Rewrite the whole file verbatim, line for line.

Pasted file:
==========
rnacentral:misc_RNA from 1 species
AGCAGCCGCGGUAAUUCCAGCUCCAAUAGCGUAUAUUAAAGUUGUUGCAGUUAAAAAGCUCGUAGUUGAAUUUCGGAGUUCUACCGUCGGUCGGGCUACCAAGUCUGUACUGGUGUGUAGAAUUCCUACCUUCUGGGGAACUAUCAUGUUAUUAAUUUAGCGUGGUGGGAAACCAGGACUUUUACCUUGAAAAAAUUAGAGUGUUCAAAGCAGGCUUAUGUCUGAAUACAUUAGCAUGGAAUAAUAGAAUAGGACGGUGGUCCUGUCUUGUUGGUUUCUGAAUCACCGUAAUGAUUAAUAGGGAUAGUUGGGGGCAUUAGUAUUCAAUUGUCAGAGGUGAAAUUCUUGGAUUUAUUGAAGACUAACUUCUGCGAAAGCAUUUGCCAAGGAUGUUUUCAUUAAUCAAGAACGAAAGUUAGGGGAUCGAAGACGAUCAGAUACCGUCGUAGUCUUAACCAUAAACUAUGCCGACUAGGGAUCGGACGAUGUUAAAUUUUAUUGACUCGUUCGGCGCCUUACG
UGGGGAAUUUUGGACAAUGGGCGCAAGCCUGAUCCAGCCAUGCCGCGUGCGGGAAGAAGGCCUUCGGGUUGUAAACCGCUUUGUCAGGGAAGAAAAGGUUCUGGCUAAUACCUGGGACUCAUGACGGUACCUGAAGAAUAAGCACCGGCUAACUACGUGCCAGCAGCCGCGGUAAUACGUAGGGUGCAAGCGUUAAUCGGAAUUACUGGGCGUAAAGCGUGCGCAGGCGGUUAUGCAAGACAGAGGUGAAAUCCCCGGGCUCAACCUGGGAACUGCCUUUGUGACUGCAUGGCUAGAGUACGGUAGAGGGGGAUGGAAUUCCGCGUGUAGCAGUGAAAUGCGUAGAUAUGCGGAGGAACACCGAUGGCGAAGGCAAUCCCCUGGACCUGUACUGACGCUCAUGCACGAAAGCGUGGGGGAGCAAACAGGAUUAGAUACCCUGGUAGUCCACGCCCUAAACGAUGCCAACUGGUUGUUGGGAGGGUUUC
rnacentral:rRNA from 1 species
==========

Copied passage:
rnacentral:misc_RNA from 1 species
AGCAGCCGCGGUAAUUCCAGCUCCAAUAGCGUAUAUUAAAGUUGUUGCAGUUAAAAAGCUCGUAGUUGAAUUUCGGAGUUCUACCGUCGGUCGGGCUACCAAGUCUGUACUGGUGUGUAGAAUUCCUACCUUCUGGGGAACUAUCAUGUUAUUAAUUUAGCGUGGUGGGAAACCAGGACUUUUACCUUGAAAAAAUUAGAGUGUUCAAAGCAGGCUUAUGUCUGAAUACAUUAGCAUGGAAUAAUAGAAUAGGACGGUGGUCCUGUCUUGUUGGUUUCUGAAUCACCGUAAUGAUUAAUAGGGAUAGUUGGGGGCAUUAGUAUUCAAUUGUCAGAGGUGAAAUUCUUGGAUUUAUUGAAGACUAACUUCUGCGAAAGCAUUUGCCAAGGAUGUUUUCAUUAAUCAAGAACGAAAGUUAGGGGAUCGAAGACGAUCAGAUACCGUCGUAGUCUUAACCAUAAACUAUGCCGACUAGGGAUCGGACGAUGUUAAAUUUUAUUGACUCGUUCGGCGCCUUACG
UGGGGAAUUUUGGACAAUGGGCGCAAGCCUGAUCCAGCCAUGCCGCGUGCGGGAAGAAGGCCUUCGGGUUGUAAACCGCUUUGUCAGGGAAGAAAAGGUUCUGGCUAAUACCUGGGACUCAUGACGGUACCUGAAGAAUAAGCACCGGCUAACUACGUGCCAGCAGCCGCGGUAAUACGUAGGGUGCAAGCGUUAAUCGGAAUUACUGGGCGUAAAGCGUGCGCAGGCGGUUAUGCAAGACAGAGGUGAAAUCCCCGGGCUCAACCUGGGAACUGCCUUUGUGACUGCAUGGCUAGAGUACGGUAGAGGGGGAUGGAAUUCCGCGUGUAGCAGUGAAAUGCGUAGAUAUGCGGAGGAACACCGAUGGCGAAGGCAAUCCCCUGGACCUGUACUGACGCUCAUGCACGAAAGCGUGGGGGAGCAAACAGGAUUAGAUACCCUGGUAGUCCACGCCCUAAACGAUGCCAACUGGUUGUUGGGAGGGUUUC
rnacentral:rRNA from 1 species